Back in January, the Treasury Department and the Federal Reserve bailed out Bank of America, investing $20 billion (on top of an earlier $25 billion) and, with help from the FDIC, guaranteeing losses on a pool of troubled assets. That came after BofA had purchased Merrill Lynch, a move that soon backfired when Merrill posted billions in losses. BofA's CEO, Ken Lewis, says he was strong-armed by the government into making the Merrill deal and keeping it quiet. The Fed denies that.
Fed Chairman Ben Bernanke is set to testify before the House oversight committee today as part of the panel's ongoing investigation of the Merrill acquisition and the ensuing government bailout. In addition to questions about whether he forced Lewis to keep the deal quiet, Bernanke will also be asked about Fed e-mails that show squabbling among regulators. The e-mails, according to the Wall Street Journal, show that FDIC chief Sheila Bair objected to the FDIC's role in the bailout, or as one e-mail put it, she "hates it and doesn't want to play."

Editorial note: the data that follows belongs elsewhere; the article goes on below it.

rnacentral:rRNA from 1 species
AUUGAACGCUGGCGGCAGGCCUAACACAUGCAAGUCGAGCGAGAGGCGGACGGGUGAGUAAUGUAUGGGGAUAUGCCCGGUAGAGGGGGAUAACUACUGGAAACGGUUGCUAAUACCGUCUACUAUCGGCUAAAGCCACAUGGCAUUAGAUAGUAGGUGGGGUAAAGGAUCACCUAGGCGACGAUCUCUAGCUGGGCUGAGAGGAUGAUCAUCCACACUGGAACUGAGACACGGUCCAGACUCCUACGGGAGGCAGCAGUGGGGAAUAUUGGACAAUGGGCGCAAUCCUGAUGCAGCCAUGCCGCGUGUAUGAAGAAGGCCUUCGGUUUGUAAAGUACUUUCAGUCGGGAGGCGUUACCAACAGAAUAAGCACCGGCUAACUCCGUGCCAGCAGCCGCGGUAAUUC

Another e-mail shows that when a Securities and Exchange Commission official caught wind of the approaching deal and wanted more information, one Fed official cautioned another not to give too many details, just "broad and tentative outlines" of the government's plans, and to note that the Fed considered the matter of "systemic importance."
Other links this morning:
AIG to Repay $25 Billion in Fed Debt Through Unit IPOs (WSJ)
SEC Would Tighten Reins on Money Markets (WaPo)
Some Chrysler Dealers See Lending For Car Inventories Cut Off by GMAC (WSJ)